The Taoiseach has been urged by survivors of institutional abuse to seek an immediate papal intervention to break the deadlock between Catholic religious orders and the State over the Church's contribution to redressing the wrongs done to residents of their institutions.
The call from the advocacy group, Irish Survivors of Child Abuse, says the Catholic Church religious orders which are signatories to the 2002 Indemnity Agreement with the State have reneged on their promises to pay their fair share towards the State's redress process.
Irish SOCA made its plea for Pope Francis to break the impasse concerning abuse in a statement this afternoon.
"Enda Kenny should travel to Rome as soon as practical and demand a comprehensive and honourable settlement of all matters connected with the child abuse scandals which implicate the servants of the Roman Catholic Church in Ireland.
"These matters have dragged on for too long."
Accusing the religious bodies of being "entirely without honour", SOCA says the only power on earth to which they are likely to respond is Pope Francis.
Owners of the largest Catholic institutions where children were abused while in State care have defended their contributions to the €1.5bn bill for paying redress to survivors.
The Christian Brothers and Sisters of Mercy were responding to: yesterday's report by the State's auditor that the 18 Catholic entities concerned had paid about 13% of the cost; and to criticism by Minister for Education Richard Bruton.
John Kelly, co-ordinator of the SOCA said that the 18 religious orders have reneged on their promises to pay their fair share.
Recalling that the orders' and congregations' solemn promises in 2002 and again in 2009 were at all times legally unenforceable, Mr Kelly said there remains a debt of honour to the Irish people which must be satisfied.
Mr Bruton had stated that the Church's progress towards shouldering its promised one-quarter share of the redress bill had gone into reverse.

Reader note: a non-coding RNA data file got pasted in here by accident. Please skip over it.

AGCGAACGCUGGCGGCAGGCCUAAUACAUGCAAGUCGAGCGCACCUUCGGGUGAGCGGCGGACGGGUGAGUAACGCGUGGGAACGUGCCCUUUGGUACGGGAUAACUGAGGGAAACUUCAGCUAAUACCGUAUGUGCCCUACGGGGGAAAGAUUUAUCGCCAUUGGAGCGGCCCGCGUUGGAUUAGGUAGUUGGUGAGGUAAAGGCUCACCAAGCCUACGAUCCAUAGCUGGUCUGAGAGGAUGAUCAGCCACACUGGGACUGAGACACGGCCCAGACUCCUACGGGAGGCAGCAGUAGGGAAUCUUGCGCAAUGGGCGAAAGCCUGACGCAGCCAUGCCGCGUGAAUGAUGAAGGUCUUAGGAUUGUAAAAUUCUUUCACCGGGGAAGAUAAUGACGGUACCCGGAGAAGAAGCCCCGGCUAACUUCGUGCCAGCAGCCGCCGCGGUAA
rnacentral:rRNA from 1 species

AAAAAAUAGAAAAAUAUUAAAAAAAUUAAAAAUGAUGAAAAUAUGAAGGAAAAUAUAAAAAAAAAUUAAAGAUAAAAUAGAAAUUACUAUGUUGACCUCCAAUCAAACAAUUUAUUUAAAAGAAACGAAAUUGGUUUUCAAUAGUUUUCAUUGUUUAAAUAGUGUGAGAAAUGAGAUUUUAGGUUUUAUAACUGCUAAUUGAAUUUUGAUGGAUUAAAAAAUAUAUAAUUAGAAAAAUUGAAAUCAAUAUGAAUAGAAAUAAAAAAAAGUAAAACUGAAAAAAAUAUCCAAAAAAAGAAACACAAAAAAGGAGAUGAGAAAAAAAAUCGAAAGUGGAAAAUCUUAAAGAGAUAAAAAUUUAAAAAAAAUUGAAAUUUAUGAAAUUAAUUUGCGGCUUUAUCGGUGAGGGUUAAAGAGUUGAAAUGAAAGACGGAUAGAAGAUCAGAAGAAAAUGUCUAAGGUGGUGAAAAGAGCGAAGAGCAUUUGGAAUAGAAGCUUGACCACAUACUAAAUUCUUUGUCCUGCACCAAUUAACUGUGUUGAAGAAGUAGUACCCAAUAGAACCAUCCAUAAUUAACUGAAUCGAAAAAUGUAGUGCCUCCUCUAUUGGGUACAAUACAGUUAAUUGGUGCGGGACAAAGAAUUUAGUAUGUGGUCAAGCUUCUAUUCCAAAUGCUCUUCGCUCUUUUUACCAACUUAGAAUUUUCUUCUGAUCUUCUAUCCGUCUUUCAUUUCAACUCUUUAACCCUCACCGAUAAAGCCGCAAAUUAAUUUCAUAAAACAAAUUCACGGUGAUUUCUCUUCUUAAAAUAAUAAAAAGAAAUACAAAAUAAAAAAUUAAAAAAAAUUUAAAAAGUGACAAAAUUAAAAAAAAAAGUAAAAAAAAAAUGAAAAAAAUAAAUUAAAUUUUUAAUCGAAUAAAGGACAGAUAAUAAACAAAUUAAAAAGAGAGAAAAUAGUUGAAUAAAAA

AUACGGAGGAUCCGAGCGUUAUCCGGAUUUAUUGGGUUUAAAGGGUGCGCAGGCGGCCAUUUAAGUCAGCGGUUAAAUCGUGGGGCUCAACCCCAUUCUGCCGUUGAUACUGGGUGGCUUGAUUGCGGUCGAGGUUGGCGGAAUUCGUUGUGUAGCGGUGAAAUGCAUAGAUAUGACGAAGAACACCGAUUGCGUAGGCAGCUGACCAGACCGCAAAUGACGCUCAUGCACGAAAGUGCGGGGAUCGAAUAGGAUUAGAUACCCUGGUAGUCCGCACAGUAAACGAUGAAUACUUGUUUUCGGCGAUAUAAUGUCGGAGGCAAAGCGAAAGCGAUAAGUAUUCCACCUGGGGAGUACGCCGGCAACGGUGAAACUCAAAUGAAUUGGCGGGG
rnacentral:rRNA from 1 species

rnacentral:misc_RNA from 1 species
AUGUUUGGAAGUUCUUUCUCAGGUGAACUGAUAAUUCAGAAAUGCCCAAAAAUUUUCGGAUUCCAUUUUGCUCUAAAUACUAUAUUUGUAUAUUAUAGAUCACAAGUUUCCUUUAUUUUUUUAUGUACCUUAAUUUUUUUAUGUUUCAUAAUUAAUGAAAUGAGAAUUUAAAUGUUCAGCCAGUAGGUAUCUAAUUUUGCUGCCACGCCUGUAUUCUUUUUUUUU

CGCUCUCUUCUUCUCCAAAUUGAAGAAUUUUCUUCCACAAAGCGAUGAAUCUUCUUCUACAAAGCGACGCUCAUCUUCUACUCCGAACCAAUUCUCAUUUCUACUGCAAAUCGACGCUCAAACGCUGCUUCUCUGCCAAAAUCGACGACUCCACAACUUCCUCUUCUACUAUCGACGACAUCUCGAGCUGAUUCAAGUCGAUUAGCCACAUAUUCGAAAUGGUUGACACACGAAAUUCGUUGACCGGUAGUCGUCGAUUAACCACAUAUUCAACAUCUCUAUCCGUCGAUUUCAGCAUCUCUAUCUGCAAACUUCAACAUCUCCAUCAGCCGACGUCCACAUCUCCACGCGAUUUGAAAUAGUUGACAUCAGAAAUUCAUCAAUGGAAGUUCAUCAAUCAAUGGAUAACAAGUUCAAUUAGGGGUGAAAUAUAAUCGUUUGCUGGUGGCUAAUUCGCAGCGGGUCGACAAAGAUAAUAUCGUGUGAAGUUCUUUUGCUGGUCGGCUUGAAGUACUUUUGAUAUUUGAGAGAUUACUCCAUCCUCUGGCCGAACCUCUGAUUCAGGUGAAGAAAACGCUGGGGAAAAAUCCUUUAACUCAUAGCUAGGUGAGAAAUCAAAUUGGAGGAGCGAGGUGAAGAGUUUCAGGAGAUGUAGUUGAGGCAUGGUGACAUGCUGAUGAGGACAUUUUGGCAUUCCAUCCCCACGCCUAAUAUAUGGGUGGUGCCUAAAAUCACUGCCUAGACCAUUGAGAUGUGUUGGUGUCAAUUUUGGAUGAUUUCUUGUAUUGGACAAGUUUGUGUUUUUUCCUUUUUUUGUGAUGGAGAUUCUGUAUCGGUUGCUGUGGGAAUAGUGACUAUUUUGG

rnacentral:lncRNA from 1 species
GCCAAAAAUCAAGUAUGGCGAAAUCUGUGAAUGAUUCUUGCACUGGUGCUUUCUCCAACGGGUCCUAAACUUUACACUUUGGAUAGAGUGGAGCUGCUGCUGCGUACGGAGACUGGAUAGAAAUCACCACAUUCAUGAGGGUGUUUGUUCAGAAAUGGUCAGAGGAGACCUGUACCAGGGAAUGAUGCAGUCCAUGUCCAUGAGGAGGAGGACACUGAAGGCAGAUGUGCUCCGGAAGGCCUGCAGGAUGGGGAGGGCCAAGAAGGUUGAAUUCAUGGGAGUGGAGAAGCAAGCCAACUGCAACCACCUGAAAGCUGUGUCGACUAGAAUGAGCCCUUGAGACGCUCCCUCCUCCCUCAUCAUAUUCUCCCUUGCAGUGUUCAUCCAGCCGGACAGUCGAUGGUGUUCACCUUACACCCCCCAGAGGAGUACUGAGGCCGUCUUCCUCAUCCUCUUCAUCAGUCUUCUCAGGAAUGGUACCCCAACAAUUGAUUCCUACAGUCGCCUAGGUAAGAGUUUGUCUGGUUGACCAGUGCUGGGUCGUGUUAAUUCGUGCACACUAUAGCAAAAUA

The minister said he will continue to exert "moral pressure" on the religious orders for more progress in meeting their commitments to pay for the cost of residential abuse.
Speaking on RTÉ's Morning Ireland, Mr Bruton said he believed the Church should meet its responsibilities for endemic abuse where protection of the institution was prioritised over the protection of children.
In a statement the Christian Brothers' leader, Brother Edmund Garvey, said the audit report's 14-month-old figures do not take account of the congregations' more recent €14m cash payment.
Brother Garvey also highlighted that playing fields worth "well over €100m" are almost ready to be transferred to the Edmund Rice Schools Trust.
He calculated that the Brothers' total contribution to help their fellow-brothers' abuse victims would rise to over €600m.
Mr Bruton said the offer of transferring playing fields into the Edmund Rice Trust by the Christian Brothers was not acceptable - rather it should be transferred to the State or sold under a joint agreement.
In a separate statement, the Sisters of Mercy said they had honoured all of their commitments.
They recalled their 2009 commitment to make a payment valued at almost €128m, €81m of which was to be paid directly to the State in the form of properties, which were worth that sum at the time.
However, they said the financial downturn had eroded the State's actual financial gains from the property transfers.
The Sisters said that they had "always made clear that the value of (their) contribution was subject to the fluctuations in value attaching to individual properties".
Minister Bruton said the Government remains of the belief that an equitable share-out of costs would be 50-50 between State and Church, but we are "a far cry" from that.